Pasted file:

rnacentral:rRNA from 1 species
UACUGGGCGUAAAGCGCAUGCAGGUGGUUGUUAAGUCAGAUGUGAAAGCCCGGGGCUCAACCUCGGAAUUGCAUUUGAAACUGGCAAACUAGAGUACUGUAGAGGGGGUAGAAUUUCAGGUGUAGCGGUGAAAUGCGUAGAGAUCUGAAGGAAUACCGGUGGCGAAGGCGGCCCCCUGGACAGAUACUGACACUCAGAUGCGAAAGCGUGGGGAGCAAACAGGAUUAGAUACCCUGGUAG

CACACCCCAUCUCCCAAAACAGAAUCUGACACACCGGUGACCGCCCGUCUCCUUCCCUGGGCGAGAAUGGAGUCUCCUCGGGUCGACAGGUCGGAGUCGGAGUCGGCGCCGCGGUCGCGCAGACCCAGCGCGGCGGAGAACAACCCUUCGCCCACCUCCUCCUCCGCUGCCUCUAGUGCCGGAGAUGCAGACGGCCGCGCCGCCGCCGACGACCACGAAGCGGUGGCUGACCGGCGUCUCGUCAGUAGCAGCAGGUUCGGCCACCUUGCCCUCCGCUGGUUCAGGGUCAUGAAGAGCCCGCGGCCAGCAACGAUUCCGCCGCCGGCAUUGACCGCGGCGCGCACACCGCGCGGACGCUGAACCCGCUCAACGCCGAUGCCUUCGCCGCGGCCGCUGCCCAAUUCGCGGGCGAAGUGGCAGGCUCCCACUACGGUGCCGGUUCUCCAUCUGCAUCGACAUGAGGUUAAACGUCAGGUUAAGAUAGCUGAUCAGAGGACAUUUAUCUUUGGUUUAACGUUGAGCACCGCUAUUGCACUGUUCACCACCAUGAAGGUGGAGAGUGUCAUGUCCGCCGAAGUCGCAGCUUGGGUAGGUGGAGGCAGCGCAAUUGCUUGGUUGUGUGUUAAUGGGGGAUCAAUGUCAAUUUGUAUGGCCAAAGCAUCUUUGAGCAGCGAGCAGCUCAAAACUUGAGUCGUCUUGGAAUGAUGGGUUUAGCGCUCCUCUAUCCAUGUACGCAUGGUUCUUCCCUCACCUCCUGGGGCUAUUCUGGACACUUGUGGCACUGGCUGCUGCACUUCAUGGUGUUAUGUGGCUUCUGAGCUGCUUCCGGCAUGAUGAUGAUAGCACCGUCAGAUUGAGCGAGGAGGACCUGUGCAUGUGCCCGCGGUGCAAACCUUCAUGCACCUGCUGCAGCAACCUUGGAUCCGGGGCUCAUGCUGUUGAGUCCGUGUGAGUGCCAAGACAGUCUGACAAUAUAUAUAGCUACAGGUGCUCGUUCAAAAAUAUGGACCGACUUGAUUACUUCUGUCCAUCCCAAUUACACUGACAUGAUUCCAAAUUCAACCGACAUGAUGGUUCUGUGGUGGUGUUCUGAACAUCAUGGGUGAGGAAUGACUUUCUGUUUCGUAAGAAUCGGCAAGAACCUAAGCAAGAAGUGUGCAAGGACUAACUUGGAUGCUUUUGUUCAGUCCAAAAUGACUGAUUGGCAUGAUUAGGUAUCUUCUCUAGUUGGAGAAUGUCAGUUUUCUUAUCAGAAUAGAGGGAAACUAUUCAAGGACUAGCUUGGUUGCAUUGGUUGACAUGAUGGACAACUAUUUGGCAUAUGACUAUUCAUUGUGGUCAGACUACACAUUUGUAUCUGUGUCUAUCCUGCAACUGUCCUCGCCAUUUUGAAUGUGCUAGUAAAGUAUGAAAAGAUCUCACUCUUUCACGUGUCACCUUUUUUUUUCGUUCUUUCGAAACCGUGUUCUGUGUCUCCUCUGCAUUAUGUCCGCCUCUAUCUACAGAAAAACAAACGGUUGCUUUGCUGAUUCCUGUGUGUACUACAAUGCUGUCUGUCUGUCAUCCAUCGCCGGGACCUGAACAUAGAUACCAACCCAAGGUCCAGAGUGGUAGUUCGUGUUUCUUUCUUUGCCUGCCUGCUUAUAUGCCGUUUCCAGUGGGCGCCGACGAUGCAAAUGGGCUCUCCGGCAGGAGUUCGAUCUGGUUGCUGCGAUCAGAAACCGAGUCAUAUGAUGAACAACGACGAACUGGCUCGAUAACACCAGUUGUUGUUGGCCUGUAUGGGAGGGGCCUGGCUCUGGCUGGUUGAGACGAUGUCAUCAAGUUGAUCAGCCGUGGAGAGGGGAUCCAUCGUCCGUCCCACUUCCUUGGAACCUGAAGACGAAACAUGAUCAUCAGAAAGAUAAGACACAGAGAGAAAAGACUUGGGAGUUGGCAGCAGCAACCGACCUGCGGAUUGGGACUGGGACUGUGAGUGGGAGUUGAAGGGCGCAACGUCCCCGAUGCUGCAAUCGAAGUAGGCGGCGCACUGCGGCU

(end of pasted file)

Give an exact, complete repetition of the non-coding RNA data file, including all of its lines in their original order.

rnacentral:rRNA from 1 species
UACUGGGCGUAAAGCGCAUGCAGGUGGUUGUUAAGUCAGAUGUGAAAGCCCGGGGCUCAACCUCGGAAUUGCAUUUGAAACUGGCAAACUAGAGUACUGUAGAGGGGGUAGAAUUUCAGGUGUAGCGGUGAAAUGCGUAGAGAUCUGAAGGAAUACCGGUGGCGAAGGCGGCCCCCUGGACAGAUACUGACACUCAGAUGCGAAAGCGUGGGGAGCAAACAGGAUUAGAUACCCUGGUAG

CACACCCCAUCUCCCAAAACAGAAUCUGACACACCGGUGACCGCCCGUCUCCUUCCCUGGGCGAGAAUGGAGUCUCCUCGGGUCGACAGGUCGGAGUCGGAGUCGGCGCCGCGGUCGCGCAGACCCAGCGCGGCGGAGAACAACCCUUCGCCCACCUCCUCCUCCGCUGCCUCUAGUGCCGGAGAUGCAGACGGCCGCGCCGCCGCCGACGACCACGAAGCGGUGGCUGACCGGCGUCUCGUCAGUAGCAGCAGGUUCGGCCACCUUGCCCUCCGCUGGUUCAGGGUCAUGAAGAGCCCGCGGCCAGCAACGAUUCCGCCGCCGGCAUUGACCGCGGCGCGCACACCGCGCGGACGCUGAACCCGCUCAACGCCGAUGCCUUCGCCGCGGCCGCUGCCCAAUUCGCGGGCGAAGUGGCAGGCUCCCACUACGGUGCCGGUUCUCCAUCUGCAUCGACAUGAGGUUAAACGUCAGGUUAAGAUAGCUGAUCAGAGGACAUUUAUCUUUGGUUUAACGUUGAGCACCGCUAUUGCACUGUUCACCACCAUGAAGGUGGAGAGUGUCAUGUCCGCCGAAGUCGCAGCUUGGGUAGGUGGAGGCAGCGCAAUUGCUUGGUUGUGUGUUAAUGGGGGAUCAAUGUCAAUUUGUAUGGCCAAAGCAUCUUUGAGCAGCGAGCAGCUCAAAACUUGAGUCGUCUUGGAAUGAUGGGUUUAGCGCUCCUCUAUCCAUGUACGCAUGGUUCUUCCCUCACCUCCUGGGGCUAUUCUGGACACUUGUGGCACUGGCUGCUGCACUUCAUGGUGUUAUGUGGCUUCUGAGCUGCUUCCGGCAUGAUGAUGAUAGCACCGUCAGAUUGAGCGAGGAGGACCUGUGCAUGUGCCCGCGGUGCAAACCUUCAUGCACCUGCUGCAGCAACCUUGGAUCCGGGGCUCAUGCUGUUGAGUCCGUGUGAGUGCCAAGACAGUCUGACAAUAUAUAUAGCUACAGGUGCUCGUUCAAAAAUAUGGACCGACUUGAUUACUUCUGUCCAUCCCAAUUACACUGACAUGAUUCCAAAUUCAACCGACAUGAUGGUUCUGUGGUGGUGUUCUGAACAUCAUGGGUGAGGAAUGACUUUCUGUUUCGUAAGAAUCGGCAAGAACCUAAGCAAGAAGUGUGCAAGGACUAACUUGGAUGCUUUUGUUCAGUCCAAAAUGACUGAUUGGCAUGAUUAGGUAUCUUCUCUAGUUGGAGAAUGUCAGUUUUCUUAUCAGAAUAGAGGGAAACUAUUCAAGGACUAGCUUGGUUGCAUUGGUUGACAUGAUGGACAACUAUUUGGCAUAUGACUAUUCAUUGUGGUCAGACUACACAUUUGUAUCUGUGUCUAUCCUGCAACUGUCCUCGCCAUUUUGAAUGUGCUAGUAAAGUAUGAAAAGAUCUCACUCUUUCACGUGUCACCUUUUUUUUUCGUUCUUUCGAAACCGUGUUCUGUGUCUCCUCUGCAUUAUGUCCGCCUCUAUCUACAGAAAAACAAACGGUUGCUUUGCUGAUUCCUGUGUGUACUACAAUGCUGUCUGUCUGUCAUCCAUCGCCGGGACCUGAACAUAGAUACCAACCCAAGGUCCAGAGUGGUAGUUCGUGUUUCUUUCUUUGCCUGCCUGCUUAUAUGCCGUUUCCAGUGGGCGCCGACGAUGCAAAUGGGCUCUCCGGCAGGAGUUCGAUCUGGUUGCUGCGAUCAGAAACCGAGUCAUAUGAUGAACAACGACGAACUGGCUCGAUAACACCAGUUGUUGUUGGCCUGUAUGGGAGGGGCCUGGCUCUGGCUGGUUGAGACGAUGUCAUCAAGUUGAUCAGCCGUGGAGAGGGGAUCCAUCGUCCGUCCCACUUCCUUGGAACCUGAAGACGAAACAUGAUCAUCAGAAAGAUAAGACACAGAGAGAAAAGACUUGGGAGUUGGCAGCAGCAACCGACCUGCGGAUUGGGACUGGGACUGUGAGUGGGAGUUGAAGGGCGCAACGUCCCCGAUGCUGCAAUCGAAGUAGGCGGCGCACUGCGGCU